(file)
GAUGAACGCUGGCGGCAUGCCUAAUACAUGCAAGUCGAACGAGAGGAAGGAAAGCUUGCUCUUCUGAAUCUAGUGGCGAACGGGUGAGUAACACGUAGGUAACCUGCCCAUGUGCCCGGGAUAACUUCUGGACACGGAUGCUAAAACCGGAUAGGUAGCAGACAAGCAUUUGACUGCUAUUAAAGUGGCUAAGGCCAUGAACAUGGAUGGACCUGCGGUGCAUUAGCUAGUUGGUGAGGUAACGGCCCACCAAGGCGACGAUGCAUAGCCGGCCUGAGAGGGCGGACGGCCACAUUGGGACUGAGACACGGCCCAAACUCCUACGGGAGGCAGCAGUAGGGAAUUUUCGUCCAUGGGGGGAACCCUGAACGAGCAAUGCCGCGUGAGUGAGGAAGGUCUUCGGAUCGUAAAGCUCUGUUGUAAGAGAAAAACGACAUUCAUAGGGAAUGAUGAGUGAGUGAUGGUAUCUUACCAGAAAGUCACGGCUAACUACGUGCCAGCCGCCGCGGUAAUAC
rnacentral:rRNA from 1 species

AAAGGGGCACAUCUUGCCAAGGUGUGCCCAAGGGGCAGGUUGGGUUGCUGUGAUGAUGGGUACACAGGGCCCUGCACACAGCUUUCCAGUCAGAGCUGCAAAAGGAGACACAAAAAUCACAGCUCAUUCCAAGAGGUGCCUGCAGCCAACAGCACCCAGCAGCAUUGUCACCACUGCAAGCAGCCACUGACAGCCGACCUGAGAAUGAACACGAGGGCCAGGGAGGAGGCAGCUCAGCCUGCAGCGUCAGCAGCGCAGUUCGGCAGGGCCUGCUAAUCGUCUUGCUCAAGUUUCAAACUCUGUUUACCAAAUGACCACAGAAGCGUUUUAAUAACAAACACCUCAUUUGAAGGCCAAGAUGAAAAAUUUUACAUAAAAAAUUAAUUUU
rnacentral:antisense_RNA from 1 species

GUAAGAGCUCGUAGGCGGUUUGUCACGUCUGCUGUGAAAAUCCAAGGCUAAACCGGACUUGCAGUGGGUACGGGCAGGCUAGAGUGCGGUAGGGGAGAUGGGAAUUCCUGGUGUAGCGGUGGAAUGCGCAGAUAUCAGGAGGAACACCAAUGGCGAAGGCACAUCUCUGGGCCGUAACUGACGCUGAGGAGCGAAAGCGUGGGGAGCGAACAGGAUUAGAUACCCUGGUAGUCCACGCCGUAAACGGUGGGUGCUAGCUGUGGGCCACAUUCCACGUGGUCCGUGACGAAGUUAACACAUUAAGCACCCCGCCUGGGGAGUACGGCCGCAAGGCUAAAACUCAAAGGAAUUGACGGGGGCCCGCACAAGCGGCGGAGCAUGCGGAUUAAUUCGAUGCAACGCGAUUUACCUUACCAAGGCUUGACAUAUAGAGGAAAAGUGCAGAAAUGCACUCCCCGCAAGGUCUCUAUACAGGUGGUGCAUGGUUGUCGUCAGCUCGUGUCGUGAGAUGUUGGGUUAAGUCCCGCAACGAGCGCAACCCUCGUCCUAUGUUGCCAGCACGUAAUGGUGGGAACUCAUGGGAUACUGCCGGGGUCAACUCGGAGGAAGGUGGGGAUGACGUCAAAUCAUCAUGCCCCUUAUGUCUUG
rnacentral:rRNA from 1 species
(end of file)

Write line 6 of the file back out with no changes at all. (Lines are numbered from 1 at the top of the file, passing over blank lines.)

rnacentral:rRNA from 1 species